Meditation is an ideal way to pray. Using God's word (Lectio Divina) allows me to hear, listen and reflect on what the Lord wants to say to me - to one of his disciples - just like He did two thousand years ago.
The best time to reflect is at the beginning of the day and for at least 15 to 30 minutes.
Prior to going to sleep, read the Mass readings for the next day and then, in the morning, reflect on the Meditation offered on this website.
I hope these daily meditations allow you to know, love and imitate the Lord in a more meaningful way.
God bless you!

Tuesday, March 31, 2015

Jn 12:1-11 Believe Now?

Monday of Holy Week
Six days before Passover Jesus came to Bethany,
where Lazarus was, whom Jesus had raised from the dead. They gave a dinner for him there, and Martha served, while Lazarus was one of those reclining at table with him. Mary took a liter of costly perfumed oil made from genuine aromatic nard and anointed the feet of Jesus and dried them with her hair; the house was filled with the fragrance of the oil.
Then Judas the Iscariot, one of his disciples,
and the one who would betray him, said,
“Why was this oil not sold for three hundred days’ wages and given to the poor?”
He said this not because he cared about the poor
but because he was a thief and held the money bag
and used to steal the contributions. So Jesus said, “Leave her alone. Let her keep this for the day of my burial. You always have the poor with you, but you do not always have me.”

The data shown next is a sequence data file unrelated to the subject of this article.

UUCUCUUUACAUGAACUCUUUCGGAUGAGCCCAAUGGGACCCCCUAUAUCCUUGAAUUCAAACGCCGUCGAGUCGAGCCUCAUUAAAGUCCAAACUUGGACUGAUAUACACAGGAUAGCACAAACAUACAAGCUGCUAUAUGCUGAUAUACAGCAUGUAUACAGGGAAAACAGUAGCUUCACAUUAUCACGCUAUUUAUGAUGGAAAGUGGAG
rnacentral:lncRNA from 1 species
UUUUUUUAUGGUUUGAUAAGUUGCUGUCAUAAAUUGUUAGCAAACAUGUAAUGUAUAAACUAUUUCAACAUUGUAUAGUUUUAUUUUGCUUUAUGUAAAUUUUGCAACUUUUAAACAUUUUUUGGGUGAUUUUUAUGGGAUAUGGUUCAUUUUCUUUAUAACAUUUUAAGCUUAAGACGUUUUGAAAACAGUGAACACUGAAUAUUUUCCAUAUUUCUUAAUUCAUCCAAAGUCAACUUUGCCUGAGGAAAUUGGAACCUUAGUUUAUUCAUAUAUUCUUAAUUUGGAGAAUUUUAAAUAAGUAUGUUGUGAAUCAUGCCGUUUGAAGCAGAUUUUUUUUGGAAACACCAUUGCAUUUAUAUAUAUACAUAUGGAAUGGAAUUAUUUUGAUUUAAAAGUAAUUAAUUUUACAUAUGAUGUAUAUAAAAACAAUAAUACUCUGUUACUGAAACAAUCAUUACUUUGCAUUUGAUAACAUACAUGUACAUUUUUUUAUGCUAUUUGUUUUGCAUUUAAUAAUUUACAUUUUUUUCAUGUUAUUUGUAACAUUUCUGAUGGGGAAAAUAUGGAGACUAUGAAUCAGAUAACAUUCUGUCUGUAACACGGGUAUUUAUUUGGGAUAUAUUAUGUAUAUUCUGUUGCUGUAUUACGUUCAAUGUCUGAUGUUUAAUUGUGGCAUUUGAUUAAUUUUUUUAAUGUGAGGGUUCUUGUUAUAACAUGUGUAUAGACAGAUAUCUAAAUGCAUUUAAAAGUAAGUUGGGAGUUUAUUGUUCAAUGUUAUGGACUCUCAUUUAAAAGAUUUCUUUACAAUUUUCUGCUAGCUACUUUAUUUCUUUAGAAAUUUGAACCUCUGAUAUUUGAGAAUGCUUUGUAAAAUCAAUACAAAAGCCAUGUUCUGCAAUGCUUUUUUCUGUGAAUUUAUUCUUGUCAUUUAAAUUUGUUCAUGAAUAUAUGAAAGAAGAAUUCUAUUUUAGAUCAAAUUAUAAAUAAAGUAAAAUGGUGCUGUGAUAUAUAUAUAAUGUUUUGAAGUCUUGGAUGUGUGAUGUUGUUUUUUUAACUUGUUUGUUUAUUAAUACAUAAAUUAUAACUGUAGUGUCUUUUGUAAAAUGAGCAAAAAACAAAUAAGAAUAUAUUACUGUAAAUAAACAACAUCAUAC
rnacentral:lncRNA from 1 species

The large crowd of the Jews found out that he was there and came, not only because of him, but also to see Lazarus, whom he had raised from the dead.  And the chief priests plotted to kill Lazarus too, because many of the Jews were turning away
and believing in Jesus because of him.

While it is very true that it is difficult to be a Christian today, we must remember that followers of Jesus have always been subject to ridicule, even during Christ’s earthly ministry. There is just something about the true expression of Christianity that people have always misunderstood, and thus mocked. However, even when we feel as though nobody around us understands us, we can take courage from this Gospel reading in knowing that being persecuted and misunderstood is not at all a new phenomenon for Christians.
“Why was this oil not sold for three hundred days’ wages and given to the poor?” This sounds like a familiar battle cry of those who mock Catholics: “Why does the Church have so many palaces when that money could go to the poor?”  People who ask this question usually stand very smugly and wait for us to stumble in our response, all so they can win whatever petty argument they were looking to get into. However, we can look to the Bible and see that nothing has changed about these peoplevery rarely is their concern actually for the poor. They overlook the thousands of charitable institutions that the Church has founded, and do not bother to look at the specifics of their claims. Instead, their primary concern is usually for their own pride, or to appear superior to believers in some way.